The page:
“They have taken away our homes; we have nowhere to go and no one to help us,” lamented Muhammad Ilias. The 76-year-old, who hails from Araria in Bihar, had lived in a hut in Jamia Nagar’s Dhobi Ghat slum cluster for over two decades until the Delhi Development Authority (DDA) razed his home during a demolition drive on September 24, 2020. Ilias, who is visually impaired, now lives in a makeshift structure with his family of 14.
All the slum-dwellers whose homes were demolished by the DDA during September and October last year are in the same boat now. More than 700 residents were forcefully evicted and over 200 huts were destroyed during the first phase of the demolition drive. On October 8, 2020, a second phase of demolitions was initiated by the DDA with bulldozers destroying the rest of the jhuggis when most residents were out working.
A month ago – in December – the DDA dug up the residents’ land in order to construct boundaries and elevated structures resulting in deep swamps where their homes once stood.
Speaking to NewsClick, 26-year-old Bibi Akhteri, a mother of two, said: “We have nothing left. None of us were home when they came and destroyed them. No one told us it was going to happen.”
Her family of four now shares a tiny temporary tent with another family of six. There is just enough space for them to lie down if they all huddle up together. Bibi Akhteri works as a domestic help in a nearby house. Her husband, Mohammad Jahangir, is a manual labourer. She was born in the Dhobi Ghat slum; it was the only home she had known. Her family had lived there for 27 years.
“The ones who could afford to rent huts after the slums were demolished have done it. The rest of us have nowhere to go. We do not earn enough to be able to pay rent,” she said. Like Ilias, her family is also from Araria. “Floods have destroyed our homes in the village. We don’t even have somewhere to go back to,” she added.
Bibi Akhteri is also a part of the Dhobi Ghat Jhuggi Adhikar Manch. The women of Dhobi Ghat have formed the collective to agitate for ‘Jahaan Jhuggi Wahan Makaan’ (Home where the jhuggi was). Members of civil society had distributed clothes, shawls, blankets, ration kits and tarpaulins among the families. “However,” she said: “The guard came and tore off the tarpaulin. We don’t even have the right to protect ourselves and our children from the cold.”
The dwellers have repeatedly asked local Aam Aadmi Party MLA Amanatullah Khan for help. However, no one has shown any interest in helping them. Saira, 28, another resident of the slum, said, “We have gone to Amanatullah’s house four times. He either refuses to say anything or tells us to go to the police station. The police tell us that this is a sarkaari maamla, they cannot do anything. Members of the committee even went to Chief Minister Kejriwal’s office, but he did not meet them,” Saira said.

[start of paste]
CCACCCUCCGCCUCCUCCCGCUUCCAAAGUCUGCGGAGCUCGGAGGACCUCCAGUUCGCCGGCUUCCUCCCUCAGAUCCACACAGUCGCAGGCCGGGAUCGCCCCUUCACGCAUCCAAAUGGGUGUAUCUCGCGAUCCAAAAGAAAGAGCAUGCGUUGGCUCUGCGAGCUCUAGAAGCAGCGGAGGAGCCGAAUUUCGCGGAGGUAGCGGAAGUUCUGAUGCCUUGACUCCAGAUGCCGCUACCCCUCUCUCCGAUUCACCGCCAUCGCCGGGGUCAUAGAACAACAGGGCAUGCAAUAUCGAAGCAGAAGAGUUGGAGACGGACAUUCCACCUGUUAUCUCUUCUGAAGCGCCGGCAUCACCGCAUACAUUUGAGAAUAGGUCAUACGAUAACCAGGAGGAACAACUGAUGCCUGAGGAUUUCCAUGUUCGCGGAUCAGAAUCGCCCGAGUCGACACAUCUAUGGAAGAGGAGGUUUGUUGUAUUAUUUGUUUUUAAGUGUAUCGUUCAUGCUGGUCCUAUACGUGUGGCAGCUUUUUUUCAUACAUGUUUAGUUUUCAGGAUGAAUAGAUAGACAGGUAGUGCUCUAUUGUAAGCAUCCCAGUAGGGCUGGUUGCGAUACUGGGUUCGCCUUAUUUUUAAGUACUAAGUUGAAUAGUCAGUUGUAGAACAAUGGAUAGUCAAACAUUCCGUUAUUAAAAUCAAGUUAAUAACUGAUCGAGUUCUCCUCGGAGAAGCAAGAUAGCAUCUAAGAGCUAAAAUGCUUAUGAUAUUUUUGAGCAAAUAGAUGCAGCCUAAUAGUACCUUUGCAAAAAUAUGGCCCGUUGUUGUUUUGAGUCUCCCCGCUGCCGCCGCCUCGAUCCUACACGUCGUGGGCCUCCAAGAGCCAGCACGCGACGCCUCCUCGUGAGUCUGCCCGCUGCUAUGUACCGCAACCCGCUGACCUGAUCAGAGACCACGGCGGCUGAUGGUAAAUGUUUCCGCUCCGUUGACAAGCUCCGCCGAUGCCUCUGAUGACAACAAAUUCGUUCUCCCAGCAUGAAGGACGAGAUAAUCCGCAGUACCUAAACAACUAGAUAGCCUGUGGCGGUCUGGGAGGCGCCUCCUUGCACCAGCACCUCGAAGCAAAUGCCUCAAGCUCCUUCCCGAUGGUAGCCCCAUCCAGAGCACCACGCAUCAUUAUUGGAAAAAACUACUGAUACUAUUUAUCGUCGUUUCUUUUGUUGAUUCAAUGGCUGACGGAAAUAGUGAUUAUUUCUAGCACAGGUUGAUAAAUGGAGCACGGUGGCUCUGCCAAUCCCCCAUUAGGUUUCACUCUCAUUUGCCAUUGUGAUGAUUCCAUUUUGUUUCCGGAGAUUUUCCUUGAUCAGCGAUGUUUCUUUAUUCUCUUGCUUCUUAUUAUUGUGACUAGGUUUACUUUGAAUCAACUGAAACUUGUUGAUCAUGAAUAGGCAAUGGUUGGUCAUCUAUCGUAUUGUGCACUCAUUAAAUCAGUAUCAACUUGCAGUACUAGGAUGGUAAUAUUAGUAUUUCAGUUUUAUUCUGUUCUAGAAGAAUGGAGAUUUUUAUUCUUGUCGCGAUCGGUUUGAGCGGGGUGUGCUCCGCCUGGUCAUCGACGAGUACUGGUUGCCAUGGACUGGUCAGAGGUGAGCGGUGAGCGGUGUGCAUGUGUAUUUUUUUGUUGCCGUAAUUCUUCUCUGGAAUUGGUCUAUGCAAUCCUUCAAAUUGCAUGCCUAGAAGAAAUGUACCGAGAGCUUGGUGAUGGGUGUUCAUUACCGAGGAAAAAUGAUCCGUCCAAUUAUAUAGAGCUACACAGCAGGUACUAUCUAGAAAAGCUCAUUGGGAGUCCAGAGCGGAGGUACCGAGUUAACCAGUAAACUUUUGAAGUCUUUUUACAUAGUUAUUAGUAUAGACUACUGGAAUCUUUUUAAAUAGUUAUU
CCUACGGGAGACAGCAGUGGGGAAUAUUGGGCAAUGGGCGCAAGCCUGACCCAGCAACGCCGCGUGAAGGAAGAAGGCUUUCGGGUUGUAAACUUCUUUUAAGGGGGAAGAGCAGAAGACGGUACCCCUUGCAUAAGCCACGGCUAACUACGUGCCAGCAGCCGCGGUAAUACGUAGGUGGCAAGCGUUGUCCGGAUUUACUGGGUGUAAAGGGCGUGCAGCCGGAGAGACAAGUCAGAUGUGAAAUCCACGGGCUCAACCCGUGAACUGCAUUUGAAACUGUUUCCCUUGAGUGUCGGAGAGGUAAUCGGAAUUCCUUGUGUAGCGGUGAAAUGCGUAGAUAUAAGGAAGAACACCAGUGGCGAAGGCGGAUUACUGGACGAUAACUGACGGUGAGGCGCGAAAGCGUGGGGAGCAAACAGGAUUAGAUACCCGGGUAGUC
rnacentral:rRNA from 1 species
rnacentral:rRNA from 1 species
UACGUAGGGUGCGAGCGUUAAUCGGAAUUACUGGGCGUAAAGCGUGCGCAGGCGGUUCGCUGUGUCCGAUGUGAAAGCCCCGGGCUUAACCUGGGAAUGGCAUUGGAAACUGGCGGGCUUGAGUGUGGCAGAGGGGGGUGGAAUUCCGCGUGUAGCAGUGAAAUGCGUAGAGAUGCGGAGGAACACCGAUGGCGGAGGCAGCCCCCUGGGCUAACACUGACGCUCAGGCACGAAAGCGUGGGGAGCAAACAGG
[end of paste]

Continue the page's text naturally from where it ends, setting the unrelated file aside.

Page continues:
According to the residents, water tankers used to come to the area earlier but since the slums were demolished those tankers have not been seen. They do not have access to clean water. Ilias said, “Sometimes, some kind locals let us take water from their taps.” His wife, Sabina, told NewsClick: “When they demolished our homes there was nothing left. We had no food, no utensils to cook in. It was all gone.”
Ilias and Sabina live with their son, daughter-in-law, a widowed daughter and nine grandchildren. His son, a manual labourer, is the sole breadwinner in the family.
Bibi Akhteri has two sons, aged nine and 11. She said that while they were both in school, the pandemic struck and “schools are taking classes online. We cannot afford to buy smartphones, so my children have to miss out on their education. This is what worries me the most – more than unemployment and homelessness – that my children cannot study.”
She added that every family in the slum has multiple children and that none of them can study any more because they do not have smartphones. “We can’t even afford to rent rooms or feed our children properly. How will we buy such expensive phones?” she asked.
Earlier this week, the National Alliance of People’s Movements (NAPM) released a statement condemning the illegal demolitions by the DDA and expressed their solidarity with the affected people, particularly the women of Jhuggi Adhikar Manch, who have organised themselves and are leading a valiant struggle amid a crisis.
They have demanded that all the residents of Dhobi Ghat be ensured full rehabilitation and fair compensation for all losses with immediate effect by the concerned authorities. NAPM has also demanded that pending rehabilitation, interim monetary grants as well as relief support be extended to all the families by way of food grains, domestic materials and necessary supplies and that special attention is paid to the nutritional, education and health needs of children and women in the area who stand affected by the demolitions. It also called for an inquiry against police personnel who used undue force against the residents including senior citizens, women and children, and suppressed their rightful expression of dissent.